Please Make Me! Psi-Ops 2

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Published by GameFront.com 12 years ago , last updated 1 year ago

Posted on December 5, 2007, Jonathan Please Make Me! Psi-Ops 2

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Psi-Ops: The Mindgate Conspiracy was a gem when it came out in 2004 for the PS2, Xbox, and PC. Sure, the graphics weren’t that great, the story was ridiculous, and the subtitle sounded more like the name of an indie rock band; but that didn’t matter because you could throw things around with your mind. The game seriously did “Force powers” better than any Star Wars game (take note, Force Unleashed). I have a strong appreciation for shooters that allow you to take out enemies without even firing a shot, and Psi-Ops did this better than most.

psi-ops1-1.jpgThe game had you playing a special psychically-trained agent, which gave you a number of different powers that were unlocked as the story progressed: telekinesis, pyrokinesis, mind control, mind drain, and more. Basically, you could walk into a room full of enemies with a whole range of methods to take them out. Take control of one guard and have him start blasting his friends. Send out a wave of fire and fry them in their armor. Sneak behind one and make his head pop with mind drain. Or my personal favorite, throw an enemy against a wall repeatedly with telekinesis until he leaves just a bloody stain. Telekinesis alone opened up it’s own range of death-dealing options. Besides lifting and throwing objects and enemies around, you could even stand on, say, a metal grate, lift it into the air, and ride around on it. You were basically Magneto with an assault rifle.

The story…well, the story was stupid (and allegedly stolen from a screenwriter who is now suing Midway). Something about psychically enhanced super-villains using mind-wiped soldiers to take over the world with psychically enhanced artifacts. I don’t remember the details too well; I just remember a series of random surprises that made almost no sense. There was even something about an evil twin, to make it all seem like some science fiction show from the 70′s.

The original game was not without its flaws, but that’s just what sequels are for. Of course the first thing needed would have to be a next-gen graphical upgrade; that should really just be standard these days. While the gunplay wasn’t too bad, a follow-up to this game would need to keep the gameplay focused squarely on the psychic abilities. It might also be nice to add a few new abilities; being able to guide a bullet and instantly setting people on fire come to mind, like in Clive Barker’s Jericho and BioShock, respectively. Or maybe these powers could be slowly upgraded and made more powerful, so you can lift progressively heavier objects, shoot wider arcs of flame, and such. The most memorable part of the original game’s story for me is at the beginning when one villain uses telekinesis to lift a tanker truck. That was cool, but I didn’t want to just watch some guy do that; I wanted to be that guy.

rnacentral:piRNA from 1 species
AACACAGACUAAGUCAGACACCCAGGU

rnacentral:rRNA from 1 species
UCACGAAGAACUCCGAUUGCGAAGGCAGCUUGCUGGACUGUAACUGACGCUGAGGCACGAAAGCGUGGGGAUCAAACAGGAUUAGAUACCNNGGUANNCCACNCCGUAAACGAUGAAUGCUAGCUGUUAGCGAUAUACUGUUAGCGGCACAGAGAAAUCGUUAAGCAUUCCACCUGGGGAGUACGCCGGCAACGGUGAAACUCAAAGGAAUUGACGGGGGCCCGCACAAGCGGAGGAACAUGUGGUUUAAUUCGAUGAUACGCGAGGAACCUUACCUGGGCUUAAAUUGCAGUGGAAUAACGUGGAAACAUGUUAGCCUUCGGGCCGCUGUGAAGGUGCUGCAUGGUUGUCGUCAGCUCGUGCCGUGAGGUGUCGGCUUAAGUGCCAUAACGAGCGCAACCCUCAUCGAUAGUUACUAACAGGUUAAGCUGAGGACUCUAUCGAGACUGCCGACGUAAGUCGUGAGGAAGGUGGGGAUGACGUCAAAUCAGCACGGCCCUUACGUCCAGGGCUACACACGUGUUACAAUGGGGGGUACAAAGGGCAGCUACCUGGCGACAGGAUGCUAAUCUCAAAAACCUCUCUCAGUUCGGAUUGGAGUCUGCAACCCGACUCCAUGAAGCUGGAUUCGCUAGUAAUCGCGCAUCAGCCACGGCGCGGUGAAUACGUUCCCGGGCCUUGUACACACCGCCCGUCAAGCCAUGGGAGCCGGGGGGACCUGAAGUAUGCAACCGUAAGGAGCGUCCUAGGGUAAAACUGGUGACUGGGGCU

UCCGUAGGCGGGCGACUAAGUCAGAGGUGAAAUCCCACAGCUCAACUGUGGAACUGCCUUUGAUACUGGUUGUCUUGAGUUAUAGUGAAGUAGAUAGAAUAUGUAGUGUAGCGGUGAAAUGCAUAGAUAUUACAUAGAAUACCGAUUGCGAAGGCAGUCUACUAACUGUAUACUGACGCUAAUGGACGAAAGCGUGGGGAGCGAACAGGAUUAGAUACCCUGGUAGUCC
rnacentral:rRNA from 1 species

psi-ops2-1.jpgThe story could be discounted if the psychic abilities were made truly awe-inspiring; but let’s not just rehash the same premise. Maybe I’ve seen to many superhero movies that show a protagonist having difficulty with his powers and such, but I’d like to see more character development. Just how does one become a psychic soldier for a special task force? That doesn’t seem like something you could get a degree in.

For the sequel though, please please please leave out the “Aura Monsters.” These were floating demons in one level that could grab you and practically kill you if you didn’t have “aura vision” switched on. It was the only level that resulted in numerous controller-shattering moments for me, and I get tired of buying new controllers. Also get a soundtrack that isn’t by a terrible rock band. I felt pretty satisfied at the end of the game, right up until the credits began to roll with Cold’s “In My Mind.” It was like eating a delicious slice of pie and then looking down and finding a roach sitting on your plate. It just tainted the whole experience a little.

Apparently the team that worked on the original Psi-Ops moved on to bigger and better things with John Woo’s Stranglehold, and have even gone on record saying they have no intention of making a sequel to the game at this time. But I know I’m not the only one out there still hoping a sequel gets made for the one game that actually made you feel like you had psychic powers.

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